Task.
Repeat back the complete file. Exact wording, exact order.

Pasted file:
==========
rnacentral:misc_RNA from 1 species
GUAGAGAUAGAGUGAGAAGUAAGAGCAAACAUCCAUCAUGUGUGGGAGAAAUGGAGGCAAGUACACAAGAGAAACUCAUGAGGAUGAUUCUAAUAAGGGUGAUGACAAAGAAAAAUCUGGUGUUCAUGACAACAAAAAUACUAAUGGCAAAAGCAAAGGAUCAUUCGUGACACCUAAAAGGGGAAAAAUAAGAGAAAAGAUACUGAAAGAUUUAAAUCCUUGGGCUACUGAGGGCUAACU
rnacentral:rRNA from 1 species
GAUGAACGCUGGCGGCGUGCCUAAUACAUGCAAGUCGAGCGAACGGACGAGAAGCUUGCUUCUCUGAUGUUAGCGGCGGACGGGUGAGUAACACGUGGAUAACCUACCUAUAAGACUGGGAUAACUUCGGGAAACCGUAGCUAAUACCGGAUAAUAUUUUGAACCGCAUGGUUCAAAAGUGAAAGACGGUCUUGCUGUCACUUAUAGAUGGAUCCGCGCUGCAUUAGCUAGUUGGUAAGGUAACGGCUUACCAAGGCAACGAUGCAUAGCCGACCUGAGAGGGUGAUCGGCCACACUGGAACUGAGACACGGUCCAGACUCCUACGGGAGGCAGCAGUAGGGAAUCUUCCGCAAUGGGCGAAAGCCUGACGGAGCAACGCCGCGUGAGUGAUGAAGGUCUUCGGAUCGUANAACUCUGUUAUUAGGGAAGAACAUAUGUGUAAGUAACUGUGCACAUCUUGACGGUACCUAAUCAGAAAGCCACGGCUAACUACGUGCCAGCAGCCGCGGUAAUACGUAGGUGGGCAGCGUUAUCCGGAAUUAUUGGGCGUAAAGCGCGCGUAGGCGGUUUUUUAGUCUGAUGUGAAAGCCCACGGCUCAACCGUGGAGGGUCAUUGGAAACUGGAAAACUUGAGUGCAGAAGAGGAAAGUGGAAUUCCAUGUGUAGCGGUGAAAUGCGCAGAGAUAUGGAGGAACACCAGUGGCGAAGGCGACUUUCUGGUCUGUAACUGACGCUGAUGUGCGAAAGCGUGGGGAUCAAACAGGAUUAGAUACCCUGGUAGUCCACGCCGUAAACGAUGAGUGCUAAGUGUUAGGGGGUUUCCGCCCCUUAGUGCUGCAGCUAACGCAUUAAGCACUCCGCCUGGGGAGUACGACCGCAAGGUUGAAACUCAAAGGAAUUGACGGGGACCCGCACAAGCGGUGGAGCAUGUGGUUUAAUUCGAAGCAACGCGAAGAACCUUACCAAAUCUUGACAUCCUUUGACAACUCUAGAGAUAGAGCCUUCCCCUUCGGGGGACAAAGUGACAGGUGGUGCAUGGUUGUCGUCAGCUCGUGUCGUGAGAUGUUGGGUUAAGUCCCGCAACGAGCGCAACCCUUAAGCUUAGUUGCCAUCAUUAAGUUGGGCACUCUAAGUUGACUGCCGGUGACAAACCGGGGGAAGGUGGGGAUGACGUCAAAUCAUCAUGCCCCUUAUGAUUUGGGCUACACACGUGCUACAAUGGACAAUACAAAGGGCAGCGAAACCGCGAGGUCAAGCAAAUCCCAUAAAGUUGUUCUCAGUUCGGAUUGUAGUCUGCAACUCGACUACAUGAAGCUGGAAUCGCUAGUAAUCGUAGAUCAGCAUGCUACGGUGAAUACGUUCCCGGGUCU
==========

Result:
rnacentral:misc_RNA from 1 species
GUAGAGAUAGAGUGAGAAGUAAGAGCAAACAUCCAUCAUGUGUGGGAGAAAUGGAGGCAAGUACACAAGAGAAACUCAUGAGGAUGAUUCUAAUAAGGGUGAUGACAAAGAAAAAUCUGGUGUUCAUGACAACAAAAAUACUAAUGGCAAAAGCAAAGGAUCAUUCGUGACACCUAAAAGGGGAAAAAUAAGAGAAAAGAUACUGAAAGAUUUAAAUCCUUGGGCUACUGAGGGCUAACU
rnacentral:rRNA from 1 species
GAUGAACGCUGGCGGCGUGCCUAAUACAUGCAAGUCGAGCGAACGGACGAGAAGCUUGCUUCUCUGAUGUUAGCGGCGGACGGGUGAGUAACACGUGGAUAACCUACCUAUAAGACUGGGAUAACUUCGGGAAACCGUAGCUAAUACCGGAUAAUAUUUUGAACCGCAUGGUUCAAAAGUGAAAGACGGUCUUGCUGUCACUUAUAGAUGGAUCCGCGCUGCAUUAGCUAGUUGGUAAGGUAACGGCUUACCAAGGCAACGAUGCAUAGCCGACCUGAGAGGGUGAUCGGCCACACUGGAACUGAGACACGGUCCAGACUCCUACGGGAGGCAGCAGUAGGGAAUCUUCCGCAAUGGGCGAAAGCCUGACGGAGCAACGCCGCGUGAGUGAUGAAGGUCUUCGGAUCGUANAACUCUGUUAUUAGGGAAGAACAUAUGUGUAAGUAACUGUGCACAUCUUGACGGUACCUAAUCAGAAAGCCACGGCUAACUACGUGCCAGCAGCCGCGGUAAUACGUAGGUGGGCAGCGUUAUCCGGAAUUAUUGGGCGUAAAGCGCGCGUAGGCGGUUUUUUAGUCUGAUGUGAAAGCCCACGGCUCAACCGUGGAGGGUCAUUGGAAACUGGAAAACUUGAGUGCAGAAGAGGAAAGUGGAAUUCCAUGUGUAGCGGUGAAAUGCGCAGAGAUAUGGAGGAACACCAGUGGCGAAGGCGACUUUCUGGUCUGUAACUGACGCUGAUGUGCGAAAGCGUGGGGAUCAAACAGGAUUAGAUACCCUGGUAGUCCACGCCGUAAACGAUGAGUGCUAAGUGUUAGGGGGUUUCCGCCCCUUAGUGCUGCAGCUAACGCAUUAAGCACUCCGCCUGGGGAGUACGACCGCAAGGUUGAAACUCAAAGGAAUUGACGGGGACCCGCACAAGCGGUGGAGCAUGUGGUUUAAUUCGAAGCAACGCGAAGAACCUUACCAAAUCUUGACAUCCUUUGACAACUCUAGAGAUAGAGCCUUCCCCUUCGGGGGACAAAGUGACAGGUGGUGCAUGGUUGUCGUCAGCUCGUGUCGUGAGAUGUUGGGUUAAGUCCCGCAACGAGCGCAACCCUUAAGCUUAGUUGCCAUCAUUAAGUUGGGCACUCUAAGUUGACUGCCGGUGACAAACCGGGGGAAGGUGGGGAUGACGUCAAAUCAUCAUGCCCCUUAUGAUUUGGGCUACACACGUGCUACAAUGGACAAUACAAAGGGCAGCGAAACCGCGAGGUCAAGCAAAUCCCAUAAAGUUGUUCUCAGUUCGGAUUGUAGUCUGCAACUCGACUACAUGAAGCUGGAAUCGCUAGUAAUCGUAGAUCAGCAUGCUACGGUGAAUACGUUCCCGGGUCU